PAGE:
• -3

    Expensive toilet paper

          • +1

            @Jenny Death: From my understanding, it's more a look at conservative (religious) views vs more liberal secular views in classifying mental disorders.

            Classification of mental disorders should be independent of the belief of the practitioner. That's a reason for the development of the DSM - to be used as an objective tool.

            That paper found that was not the case in this category - people with different beliefs came to different classification, which suggested the classification of homosexuality as a mental disorder was suspect & correct to be dropped from the DSM.

            Jewish communities have been used in other health research. It can be a more homogeneous group than others & so useful in research design.

            Finding a suitable pool of research subjects is an important factor in designing research. The Jewish community would likely provide a good number of suitable psychiatrists for such a study.

            The Jewish community has a long involvement in psychoanalysis & psychiatry as professionals.

            So to do a study examining the effect of strongly held religious views on classification of mental disorders - the necessary number of psychiatrists needed for the study would probably be easier to locate in the Jewish community, rather than other conservative religious communities.

            People choose to ignore research - if it doesn't accord with their own beliefs & biases. Nothing new there.

  • is it cheap because v6 coming out soon??

    • I feel so out of date. Have a copy of V4 from my psych studies.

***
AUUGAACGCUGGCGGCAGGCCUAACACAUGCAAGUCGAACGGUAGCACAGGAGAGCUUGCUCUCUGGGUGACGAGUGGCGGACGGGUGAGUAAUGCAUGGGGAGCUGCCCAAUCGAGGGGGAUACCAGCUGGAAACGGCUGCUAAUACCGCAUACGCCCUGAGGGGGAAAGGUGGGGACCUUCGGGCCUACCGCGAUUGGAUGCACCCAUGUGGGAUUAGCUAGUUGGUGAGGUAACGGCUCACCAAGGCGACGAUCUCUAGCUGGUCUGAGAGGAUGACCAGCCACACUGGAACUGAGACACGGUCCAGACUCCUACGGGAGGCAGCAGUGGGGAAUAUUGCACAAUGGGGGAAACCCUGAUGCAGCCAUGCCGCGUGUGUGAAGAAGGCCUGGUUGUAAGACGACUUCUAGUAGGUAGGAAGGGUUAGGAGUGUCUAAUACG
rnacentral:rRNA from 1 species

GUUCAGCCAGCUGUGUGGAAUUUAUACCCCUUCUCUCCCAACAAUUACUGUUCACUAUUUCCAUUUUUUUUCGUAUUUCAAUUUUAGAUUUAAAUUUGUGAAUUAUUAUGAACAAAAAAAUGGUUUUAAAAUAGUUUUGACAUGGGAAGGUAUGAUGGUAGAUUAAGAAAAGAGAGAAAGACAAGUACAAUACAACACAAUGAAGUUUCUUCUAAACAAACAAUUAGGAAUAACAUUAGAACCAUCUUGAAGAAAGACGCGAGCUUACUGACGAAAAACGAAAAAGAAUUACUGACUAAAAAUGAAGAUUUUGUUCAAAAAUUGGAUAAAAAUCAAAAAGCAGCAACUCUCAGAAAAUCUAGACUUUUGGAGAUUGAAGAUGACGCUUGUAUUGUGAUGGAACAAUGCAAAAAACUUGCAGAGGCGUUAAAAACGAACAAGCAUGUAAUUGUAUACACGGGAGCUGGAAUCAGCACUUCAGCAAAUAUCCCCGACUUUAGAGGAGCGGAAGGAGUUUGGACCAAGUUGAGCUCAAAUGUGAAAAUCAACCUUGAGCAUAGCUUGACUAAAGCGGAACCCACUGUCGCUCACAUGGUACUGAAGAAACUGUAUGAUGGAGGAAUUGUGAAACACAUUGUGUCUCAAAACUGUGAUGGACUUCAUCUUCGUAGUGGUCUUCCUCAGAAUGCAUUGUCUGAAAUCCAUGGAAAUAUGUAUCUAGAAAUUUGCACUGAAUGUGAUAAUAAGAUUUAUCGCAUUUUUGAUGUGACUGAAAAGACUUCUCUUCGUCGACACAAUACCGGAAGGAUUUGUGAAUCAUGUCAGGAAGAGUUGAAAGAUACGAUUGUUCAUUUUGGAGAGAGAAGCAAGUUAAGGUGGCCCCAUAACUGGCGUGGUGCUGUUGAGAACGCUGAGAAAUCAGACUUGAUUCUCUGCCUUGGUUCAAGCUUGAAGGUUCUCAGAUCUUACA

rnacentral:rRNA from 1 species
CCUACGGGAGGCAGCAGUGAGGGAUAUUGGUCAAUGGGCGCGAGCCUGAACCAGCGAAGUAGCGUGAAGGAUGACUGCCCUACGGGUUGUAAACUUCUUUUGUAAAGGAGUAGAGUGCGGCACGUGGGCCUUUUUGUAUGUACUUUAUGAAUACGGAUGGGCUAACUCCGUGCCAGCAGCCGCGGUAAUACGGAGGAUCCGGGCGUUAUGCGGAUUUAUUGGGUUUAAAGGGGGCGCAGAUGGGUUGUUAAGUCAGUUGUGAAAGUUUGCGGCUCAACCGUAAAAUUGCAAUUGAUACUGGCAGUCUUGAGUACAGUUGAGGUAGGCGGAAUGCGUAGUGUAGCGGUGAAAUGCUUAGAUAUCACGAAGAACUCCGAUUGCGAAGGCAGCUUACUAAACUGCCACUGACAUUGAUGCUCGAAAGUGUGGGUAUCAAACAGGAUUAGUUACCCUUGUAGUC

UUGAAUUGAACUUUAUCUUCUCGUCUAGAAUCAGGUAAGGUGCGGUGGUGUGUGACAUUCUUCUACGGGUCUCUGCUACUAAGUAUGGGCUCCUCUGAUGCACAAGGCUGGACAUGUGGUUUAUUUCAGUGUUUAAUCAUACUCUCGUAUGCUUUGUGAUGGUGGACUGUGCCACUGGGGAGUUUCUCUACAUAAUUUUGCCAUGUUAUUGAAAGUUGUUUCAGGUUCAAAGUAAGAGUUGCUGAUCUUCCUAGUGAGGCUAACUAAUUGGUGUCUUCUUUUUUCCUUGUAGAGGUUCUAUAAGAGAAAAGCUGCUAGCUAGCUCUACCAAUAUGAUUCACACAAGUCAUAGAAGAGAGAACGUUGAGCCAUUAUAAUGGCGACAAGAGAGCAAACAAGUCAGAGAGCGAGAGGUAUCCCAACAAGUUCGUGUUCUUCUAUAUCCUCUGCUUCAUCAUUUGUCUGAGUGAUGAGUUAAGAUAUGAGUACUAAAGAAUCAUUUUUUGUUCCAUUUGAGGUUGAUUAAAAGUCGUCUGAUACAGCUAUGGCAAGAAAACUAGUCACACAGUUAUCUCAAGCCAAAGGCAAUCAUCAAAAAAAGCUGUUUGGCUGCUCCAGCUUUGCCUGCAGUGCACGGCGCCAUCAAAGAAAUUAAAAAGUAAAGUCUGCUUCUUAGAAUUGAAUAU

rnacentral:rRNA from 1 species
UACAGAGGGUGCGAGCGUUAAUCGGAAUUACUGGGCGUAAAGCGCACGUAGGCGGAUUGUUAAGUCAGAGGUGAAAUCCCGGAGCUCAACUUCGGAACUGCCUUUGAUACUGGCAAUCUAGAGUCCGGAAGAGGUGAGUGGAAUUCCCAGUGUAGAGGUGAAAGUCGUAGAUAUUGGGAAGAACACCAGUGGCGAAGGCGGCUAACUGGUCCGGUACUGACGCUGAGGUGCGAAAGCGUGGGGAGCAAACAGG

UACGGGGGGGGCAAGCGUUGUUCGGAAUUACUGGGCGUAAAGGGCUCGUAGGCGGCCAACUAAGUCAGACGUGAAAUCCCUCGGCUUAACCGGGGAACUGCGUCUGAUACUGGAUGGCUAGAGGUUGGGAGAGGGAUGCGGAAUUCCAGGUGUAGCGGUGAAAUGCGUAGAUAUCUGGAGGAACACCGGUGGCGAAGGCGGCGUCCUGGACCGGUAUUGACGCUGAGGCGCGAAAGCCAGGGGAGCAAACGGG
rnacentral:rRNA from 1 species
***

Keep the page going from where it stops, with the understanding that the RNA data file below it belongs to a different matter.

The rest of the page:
• who says 4 is any worse than 5, psych has been a "science" for not long, they could be going in the wrong direction anyway….

    • +1

      Did a quick search does not appear a v6 is coming out anytime soon.

      • Hopefully not true of Elder Scrolls though.

    • DSM-IV lasted 19 years (1994 - 2013). DSM-V was published in 2013, so it probably has some ways to go.

    • no version 6 any time soon. If anything they will probably have technical revisions first like what they did with DSM-IV

  • just here for the comments

  • Thanks. Studying Psychology. Not necessarily a huge fan of the manual, but it's good to have.

  • Or search Google for dsm-5 .pdf

  • The DSM use to be the go to book.
    Unfortunately now it’s used also as a legal aid and thus the quality of the information has declined over the years.
    Example: inclusion of sex addiction…

    • I dunno dude sex can be pretty addictive.

      That's the information I'm hearing.

      • Compulsive. Alluring.
        Any other adjective than addictive.
        FYI that adduction was included for the bit buck earners like Tiger Woods.

        • Perhaps it was in part added due to recognition or interpretation of the issues facing the rich, famous, and desirable.

          But it's also because the mesolimbic dopamine pathway is essentially central reward circuitry that does not discriminate between food, sex, drugs, and a range of other natural and synthetic reinforcers.

          The definition of addiction (and I hope I'm not getting mixed up with abuse/misuse here) as persistent use despite failed attempts to quit and recognition that use impairs other life domains seems to be consistent with sex addiction.

          Where do you get your info from, especially the FYI part?

          • @ozbjunkie: Fellow medical collègues.

            • @FredAstair: Well. Even though your colleagues are not besieged by busloads of Danish models, surely they must have some experience "fighting them off with a stick".

              I think I'm a sex addict. In terrible, terrible, withdrawals, which is warranted given my uber eats history.

              • @ozbjunkie: Ah.. So you base your conclusions in your own belief of being a sex addict.
                Mhmm.

                • @FredAstair: Nah from studying psychology.

                  And relating it to myself, sure.

                  • @ozbjunkie: Now there’s your mistake.
                    Rule 1 with studying yourself. Try not to diagnosis yourself.